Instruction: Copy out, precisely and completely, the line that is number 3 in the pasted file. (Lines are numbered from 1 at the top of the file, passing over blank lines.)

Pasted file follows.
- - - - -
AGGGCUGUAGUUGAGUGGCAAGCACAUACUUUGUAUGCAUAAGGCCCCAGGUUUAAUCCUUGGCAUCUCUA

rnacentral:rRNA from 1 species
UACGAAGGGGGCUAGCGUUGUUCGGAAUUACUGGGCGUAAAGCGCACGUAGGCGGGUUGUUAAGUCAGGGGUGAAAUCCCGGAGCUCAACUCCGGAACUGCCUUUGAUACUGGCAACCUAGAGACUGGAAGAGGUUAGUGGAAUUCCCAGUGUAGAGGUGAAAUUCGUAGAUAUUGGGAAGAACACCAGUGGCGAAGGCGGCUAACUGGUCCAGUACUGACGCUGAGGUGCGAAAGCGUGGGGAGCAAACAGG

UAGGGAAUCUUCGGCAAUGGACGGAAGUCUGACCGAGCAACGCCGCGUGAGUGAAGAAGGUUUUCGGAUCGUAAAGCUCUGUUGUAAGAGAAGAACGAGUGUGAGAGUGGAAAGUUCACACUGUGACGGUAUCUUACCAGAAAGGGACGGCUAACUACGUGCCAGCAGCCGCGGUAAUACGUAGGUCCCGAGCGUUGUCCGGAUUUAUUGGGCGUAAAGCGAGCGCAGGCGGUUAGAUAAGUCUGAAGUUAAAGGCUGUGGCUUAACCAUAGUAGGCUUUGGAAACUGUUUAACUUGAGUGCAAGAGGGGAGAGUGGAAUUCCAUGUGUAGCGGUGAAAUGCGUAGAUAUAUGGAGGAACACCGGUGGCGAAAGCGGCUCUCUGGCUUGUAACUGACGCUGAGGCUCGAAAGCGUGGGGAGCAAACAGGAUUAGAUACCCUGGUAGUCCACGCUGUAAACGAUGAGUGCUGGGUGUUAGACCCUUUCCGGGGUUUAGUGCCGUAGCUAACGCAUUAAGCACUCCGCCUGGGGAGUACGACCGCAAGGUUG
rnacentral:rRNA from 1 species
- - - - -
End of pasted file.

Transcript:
UACGAAGGGGGCUAGCGUUGUUCGGAAUUACUGGGCGUAAAGCGCACGUAGGCGGGUUGUUAAGUCAGGGGUGAAAUCCCGGAGCUCAACUCCGGAACUGCCUUUGAUACUGGCAACCUAGAGACUGGAAGAGGUUAGUGGAAUUCCCAGUGUAGAGGUGAAAUUCGUAGAUAUUGGGAAGAACACCAGUGGCGAAGGCGGCUAACUGGUCCAGUACUGACGCUGAGGUGCGAAAGCGUGGGGAGCAAACAGG